Korday marks the border on the Kazakh side, and Bishkek is the Kyrgyz counterpart and roughly 25 km away. A passport (with at least six months of validity) and a prearranged visa are essential for the journey (although on-site visa purchase is also an option).
Navigating the border crossing was straightforward. Our driver brought us as close as regulations allowed on the Kazakhstan side. It’s worth noting that, although we had a private driver, you can also reach the border using a shared taxi or a bus.
I left the van, grabbed my luggage, and followed the gated walkway to a small hall with passport control offices. I showed my passport and documents to Kazakh officials for exit procedures there. Afterward, I headed to the neutral zone (sometimes called no man’s land) — the area between the two countries.
It was pretty much the same thing on the Kyrgyz side — I followed the path, presented myself to Kyrgyz border officials, answered their questions, and had my belongings checked during customs inspection. Once cleared, I received the necessary entry stamps and documents to enter Kyrgyzstan.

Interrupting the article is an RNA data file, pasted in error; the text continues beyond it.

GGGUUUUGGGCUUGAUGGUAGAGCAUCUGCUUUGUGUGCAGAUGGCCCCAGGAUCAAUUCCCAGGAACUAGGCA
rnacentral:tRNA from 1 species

I left the border area, waited for my fellow travelers, and continued today’s journey —Bishkek.
Note: It’s important to be aware of specific requirements and possible wait times for a smooth border crossing.
Bishkek, the country’s most significant and current capital, was once the capital of the Kyrgyz Soviet Socialist Republic. The city is rich in Russian influence, particularly its Socialist Modernist(an architectural approach prevalent in former socialist nations from 1955 to 1991) architecture and art.
But before we began to explore Bishkek, we stopped for a much-needed lunch break at a local restaurant, Arzu —and it did not disappoint.
Things to do in Bishkek
1. Explore the Soviet-era Art and Architecture in Kyrgyzstan’s capital.